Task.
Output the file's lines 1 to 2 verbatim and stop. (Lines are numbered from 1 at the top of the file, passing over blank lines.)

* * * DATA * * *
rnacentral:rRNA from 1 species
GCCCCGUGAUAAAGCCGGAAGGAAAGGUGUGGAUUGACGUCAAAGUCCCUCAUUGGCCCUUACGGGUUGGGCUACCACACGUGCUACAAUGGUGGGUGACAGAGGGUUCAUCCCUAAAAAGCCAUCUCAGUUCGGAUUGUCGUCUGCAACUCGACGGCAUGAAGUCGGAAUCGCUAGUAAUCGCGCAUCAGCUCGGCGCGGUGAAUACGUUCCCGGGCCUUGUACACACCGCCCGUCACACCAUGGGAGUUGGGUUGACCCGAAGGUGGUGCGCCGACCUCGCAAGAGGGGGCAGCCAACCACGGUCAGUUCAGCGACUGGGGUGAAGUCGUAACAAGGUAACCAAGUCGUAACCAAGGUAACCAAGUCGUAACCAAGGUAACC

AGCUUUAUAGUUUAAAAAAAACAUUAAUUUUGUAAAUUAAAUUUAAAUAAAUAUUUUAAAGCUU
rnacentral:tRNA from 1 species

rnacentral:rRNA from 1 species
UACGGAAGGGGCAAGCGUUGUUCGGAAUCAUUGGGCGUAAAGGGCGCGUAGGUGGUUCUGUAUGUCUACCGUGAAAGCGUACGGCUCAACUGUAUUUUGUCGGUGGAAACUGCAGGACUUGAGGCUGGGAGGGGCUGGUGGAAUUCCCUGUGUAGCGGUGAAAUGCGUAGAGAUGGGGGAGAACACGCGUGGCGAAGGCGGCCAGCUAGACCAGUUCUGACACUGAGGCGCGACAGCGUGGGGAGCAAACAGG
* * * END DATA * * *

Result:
rnacentral:rRNA from 1 species
GCCCCGUGAUAAAGCCGGAAGGAAAGGUGUGGAUUGACGUCAAAGUCCCUCAUUGGCCCUUACGGGUUGGGCUACCACACGUGCUACAAUGGUGGGUGACAGAGGGUUCAUCCCUAAAAAGCCAUCUCAGUUCGGAUUGUCGUCUGCAACUCGACGGCAUGAAGUCGGAAUCGCUAGUAAUCGCGCAUCAGCUCGGCGCGGUGAAUACGUUCCCGGGCCUUGUACACACCGCCCGUCACACCAUGGGAGUUGGGUUGACCCGAAGGUGGUGCGCCGACCUCGCAAGAGGGGGCAGCCAACCACGGUCAGUUCAGCGACUGGGGUGAAGUCGUAACAAGGUAACCAAGUCGUAACCAAGGUAACCAAGUCGUAACCAAGGUAACC